Read More About
Next month, hundreds of restaurants across the country will ask their patrons to pay for their tap water to quench the thirst of people they have likely never met.
That’s because March 21 marks the beginning of World Water Week and the start of the fourth annual UNICEF Tap Project. Launched in 2007, the Tap Project has restaurants ask their customers to donate $1 or more for the tap water they usually enjoy free of charge. All donations help UNICEF bring clean, accessible water to the nearly 450 million children worldwide who lack access to safe water.
The Tap Project is the brainchild of advertising creative director David Droga. Since its New York City kickoff four years ago, the project has spread to almost all 50 states and raised $1.5 million, according to tapproject.org.
The initiative focuses on restaurants because of their readymade ability to make a significant impact, says Richard Alleyne with the U.S. Fund for UNICEF.
“We like the idea of the restaurant involvement because it’s so turnkey and the dining community has really picked up on it in the last two years,” Alleyne says.
As of February 12, 209 restaurants were signed up to take part in this year’s Tap Project. The participants range from fine-dining to fast-casual establishments, including Los Angeles–based Take A Bao.
“We’re more than happy to give back to good causes,” says owner Brent Stein. “There’s more to life than just day-to-day operations.”
On the East Coast, Richard Gordon, owner of Boston-based South End Buttery, says he sees the Tap Project as an easy opportunity to use his restaurant for the greater good.
“I believe in conserving resources, and this is an important way of doing it and spreading the message to a lot of people through our customers,” Gordon says.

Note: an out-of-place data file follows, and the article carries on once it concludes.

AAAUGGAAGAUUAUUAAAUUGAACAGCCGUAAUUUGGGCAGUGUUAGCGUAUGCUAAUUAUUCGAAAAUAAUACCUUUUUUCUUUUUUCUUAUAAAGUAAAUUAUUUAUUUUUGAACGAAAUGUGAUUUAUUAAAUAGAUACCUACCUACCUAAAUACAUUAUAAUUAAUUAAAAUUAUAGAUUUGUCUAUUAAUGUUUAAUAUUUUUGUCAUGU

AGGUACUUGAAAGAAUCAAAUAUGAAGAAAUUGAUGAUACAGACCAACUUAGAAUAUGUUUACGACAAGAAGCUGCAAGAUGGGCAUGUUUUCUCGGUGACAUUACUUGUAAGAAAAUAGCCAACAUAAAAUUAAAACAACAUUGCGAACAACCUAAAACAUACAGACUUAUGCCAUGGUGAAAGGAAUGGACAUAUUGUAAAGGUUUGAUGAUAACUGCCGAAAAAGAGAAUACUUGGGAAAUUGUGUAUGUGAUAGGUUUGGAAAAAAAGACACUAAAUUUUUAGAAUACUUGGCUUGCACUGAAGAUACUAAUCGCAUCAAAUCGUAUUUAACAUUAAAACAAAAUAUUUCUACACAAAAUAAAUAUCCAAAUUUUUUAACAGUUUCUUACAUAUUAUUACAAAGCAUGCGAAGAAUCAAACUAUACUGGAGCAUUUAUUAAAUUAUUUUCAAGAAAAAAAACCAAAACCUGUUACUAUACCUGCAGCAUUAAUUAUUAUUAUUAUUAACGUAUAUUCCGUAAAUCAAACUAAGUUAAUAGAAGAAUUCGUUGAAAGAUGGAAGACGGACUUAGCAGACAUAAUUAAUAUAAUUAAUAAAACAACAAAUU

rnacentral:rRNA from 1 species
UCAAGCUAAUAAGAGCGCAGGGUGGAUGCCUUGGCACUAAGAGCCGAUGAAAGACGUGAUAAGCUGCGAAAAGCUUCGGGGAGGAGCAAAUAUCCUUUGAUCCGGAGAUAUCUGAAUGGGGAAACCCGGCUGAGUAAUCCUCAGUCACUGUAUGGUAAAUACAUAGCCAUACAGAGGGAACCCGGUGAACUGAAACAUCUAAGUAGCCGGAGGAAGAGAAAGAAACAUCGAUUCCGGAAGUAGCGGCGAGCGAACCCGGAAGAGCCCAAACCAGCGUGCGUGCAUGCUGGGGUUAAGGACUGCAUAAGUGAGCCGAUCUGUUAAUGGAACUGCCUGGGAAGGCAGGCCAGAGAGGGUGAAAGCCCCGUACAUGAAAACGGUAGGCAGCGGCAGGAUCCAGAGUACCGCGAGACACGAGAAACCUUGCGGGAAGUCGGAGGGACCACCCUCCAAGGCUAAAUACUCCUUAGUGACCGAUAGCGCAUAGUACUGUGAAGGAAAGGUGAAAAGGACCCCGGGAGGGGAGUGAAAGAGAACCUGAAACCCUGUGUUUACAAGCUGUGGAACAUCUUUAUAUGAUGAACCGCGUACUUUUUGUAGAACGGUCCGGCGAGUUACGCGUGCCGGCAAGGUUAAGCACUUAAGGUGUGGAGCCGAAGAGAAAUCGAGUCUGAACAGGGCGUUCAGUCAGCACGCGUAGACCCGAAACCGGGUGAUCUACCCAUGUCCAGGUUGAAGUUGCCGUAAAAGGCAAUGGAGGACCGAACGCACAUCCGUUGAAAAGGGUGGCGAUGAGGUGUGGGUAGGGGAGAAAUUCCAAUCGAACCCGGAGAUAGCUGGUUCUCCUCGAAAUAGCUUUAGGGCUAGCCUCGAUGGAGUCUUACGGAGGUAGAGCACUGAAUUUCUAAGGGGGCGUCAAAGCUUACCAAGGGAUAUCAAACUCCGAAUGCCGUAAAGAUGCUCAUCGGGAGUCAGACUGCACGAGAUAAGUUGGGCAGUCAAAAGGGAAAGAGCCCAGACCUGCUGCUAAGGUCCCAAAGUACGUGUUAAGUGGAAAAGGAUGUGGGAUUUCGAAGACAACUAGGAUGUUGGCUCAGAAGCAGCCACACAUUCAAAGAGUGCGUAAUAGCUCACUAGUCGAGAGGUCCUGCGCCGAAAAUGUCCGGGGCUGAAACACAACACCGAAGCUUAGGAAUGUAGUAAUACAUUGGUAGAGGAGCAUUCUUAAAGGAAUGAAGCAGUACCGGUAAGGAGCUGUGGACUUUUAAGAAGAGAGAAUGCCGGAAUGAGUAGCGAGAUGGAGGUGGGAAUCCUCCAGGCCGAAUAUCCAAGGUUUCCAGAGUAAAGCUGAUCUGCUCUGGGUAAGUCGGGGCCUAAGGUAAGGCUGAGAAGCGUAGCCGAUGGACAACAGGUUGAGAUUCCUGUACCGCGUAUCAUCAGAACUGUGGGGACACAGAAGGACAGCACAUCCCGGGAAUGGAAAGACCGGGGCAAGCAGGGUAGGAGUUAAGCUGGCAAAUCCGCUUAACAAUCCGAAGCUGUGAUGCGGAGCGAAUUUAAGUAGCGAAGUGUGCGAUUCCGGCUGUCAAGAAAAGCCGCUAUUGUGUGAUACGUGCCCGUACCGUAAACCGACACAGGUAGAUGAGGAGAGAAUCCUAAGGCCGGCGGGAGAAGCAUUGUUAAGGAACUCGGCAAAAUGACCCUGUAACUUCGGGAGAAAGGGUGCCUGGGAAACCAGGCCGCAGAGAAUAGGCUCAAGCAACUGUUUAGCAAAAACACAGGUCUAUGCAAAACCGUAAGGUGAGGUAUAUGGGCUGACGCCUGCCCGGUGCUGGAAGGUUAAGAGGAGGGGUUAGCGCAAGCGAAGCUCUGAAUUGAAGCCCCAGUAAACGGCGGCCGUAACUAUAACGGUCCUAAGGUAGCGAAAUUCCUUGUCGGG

The chain with the most participating restaurants so far this year is Big Bowl, whose eight locations, including seven in the Great Lakes region, have all signed up. Participating in the project for the third straight year, Big Bowl does not ask customers to donate, but rather gives up to $250 per restaurant on their behalf. The chain has donated about $2,000 each of the last two years, according to Big Bowl president Dan McGowan.
About four years ago, Big Bowl decided for environmental and economic reasons to stop offering bottled water in favor of filtered H2O. So, when UNICEF approached him for the Tap Project, McGowan says “they got about two sentences into their pitch and I said, ‘We’re on board.’”
“One of the reasons we got rid of bottled water was kind of the same philosophy,” McGowan says. “We thought it was kind of silly when we have all this access to great water [near the Great Lakes]. But there are a lot of people around the world that don’t have that luxury.”
According to the Tap Project Web site, the “World Water Crisis” claims the lives of 4,100 children every day, and trouble spots span the globe, from Togo to the earthquake-ravaged island of Haiti.
“In Haiti, even prior to the earthquake hitting, less than 50 percent of the entire population had access to clean water,” Alleyne says. “That obviously has increased since the earthquake hit.”
Alleyne says a portion of the money raised this year through the Tap Project will go toward building latrines and water distribution sites in Haiti.
While the project has been growing steadily since its inception, the tough economy threatens to diminish donations. Still, Alleyne says he is expecting a good response.
“We know that folks aren’t going out to eat as often because they are feeling it in their wallets,” he says. “But any little bit can help. All it takes is really $1.”